That being said, they’re likely going to be breaking their Cataclysm record of 8+ months without anything new. I have no doubt that individuals and friends could make it through all right, but even the LK –> Cata lull about killed my casual 10m guild outright. Guilds are indeed the glue that holds everyone together, but… I dunno man. Glue dries out when left sitting out too long.
Content is overrated. One reason for the perceived failure of certain MMOs, particularly TSW, and SW:TOR, is the impossibility of continuing to provide an unenending stream of written, voiced and videoed “content” fast enough to stop players getting bored.
What MMOs require isn’t content but activity. It’s a truism that MMOs with good retention rely on the social bonds between players but those players require something to do while they’re socially bonding. WoW is like a pub or a cafe or a recreation ground. It provides a virtual space for people to hang out together and while they hang out they do stuff, goof off and chat.
Outside of competitive leagues, few people go to the pub specifically to play darts or pool but they sure like to stand around with a cue in their hand while they yak it up. In MMO terms, almost any fairly simple, repetitive activity will fill this function and WoW is stuffed to bursting with them.
“Content is overrated.” Man, the future blog post just writes itself.
I would actually agree with you insofar as it’s not exactly content that I’m after in these games – it’s the figuring out of content, so to speak. Perhaps Novelty is a better term. For example, Hearthstone is fun right now and there is still a shifting metagame out there (although sometimes it simply feels like musical chairs), but pretty much everything is a known entity at this point. If you play Class X, you want Cards Y in your deck, and then hope for the best. I’ve argued in the past that “procedurally generated” doesn’t mean infinite replay value, and that’s kinda what I’m referring to when I say “new content.” Even just some rules changes or ability tweaks would be good.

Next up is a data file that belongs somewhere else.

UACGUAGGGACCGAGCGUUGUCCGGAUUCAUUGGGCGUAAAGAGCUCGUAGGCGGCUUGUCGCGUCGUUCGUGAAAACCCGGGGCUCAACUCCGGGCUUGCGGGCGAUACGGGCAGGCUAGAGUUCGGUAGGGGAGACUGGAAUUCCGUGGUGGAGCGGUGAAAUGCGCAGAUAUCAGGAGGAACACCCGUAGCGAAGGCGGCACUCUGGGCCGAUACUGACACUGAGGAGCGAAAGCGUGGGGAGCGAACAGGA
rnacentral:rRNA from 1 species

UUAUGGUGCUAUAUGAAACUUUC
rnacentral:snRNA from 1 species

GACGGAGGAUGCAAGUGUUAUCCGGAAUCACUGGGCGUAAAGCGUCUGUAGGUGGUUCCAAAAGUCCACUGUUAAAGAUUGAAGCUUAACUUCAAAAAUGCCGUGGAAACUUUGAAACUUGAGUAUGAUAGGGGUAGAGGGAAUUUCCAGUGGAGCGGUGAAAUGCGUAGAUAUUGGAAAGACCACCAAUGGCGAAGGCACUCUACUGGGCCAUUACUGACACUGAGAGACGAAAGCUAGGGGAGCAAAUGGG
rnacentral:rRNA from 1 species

And while I also agree that it is that “pub” aspect that keeps people playing WoW, I can’t help but feel like that doesn’t actually say particularly much about the game itself. Do you praise the bar for keeping your friends together? Presumably, you could just go somewhere else, a different bar or perhaps even a friend’s house, and do the same things. Imagine if WoW forcibly shut down tomorrow and Blizzard released WoW 2.0 in its place. Would 7.6 million people buy back in? I dunno.
Why would you think that failure is only “perceived”? Wasn’t that stream of content exactly what these games marketed, “the fourth pillar” and all that?
I would agree with your sentiment if MMORPGs of today had more sandbox content, more opportunity to socialize and experience emergent player content. But if the structure of the game is very much a stream of content, people are right to be upset and leaving if that stream ends.
Oh joy, I wonder if Destiny is going to give the “TORtanic” jokers something new to latch on to. (Not that I wish failure on anyone, but that bit you quoted does make it sound like an incredibly risky proposition.)
I suspect that WoW’s “secret” at this point is simply a lot of inertia. Several of those millions are not MMO players, they’re WoW players – it doesn’t matter what Blizzard does; they don’t care about anything else. I can understand that point of view because a few years ago I shared it! I still remember guildies getting all hyped up about other MMOs launching at the time and me simply shaking my head in confusion because to me all those other games were simply irrelevant to my interests.
I’ve also had a scary amount of my WoW playing friends (including poor students!) admit to keeping their sub running even when they don’t play. Just gets mentally thrown in with the utility bills I suppose…
I’ll admit that I keep my Netflix subscription rolling despite barely ever using it. Game subs feel considerably different however, for reasons I can’t actually explain.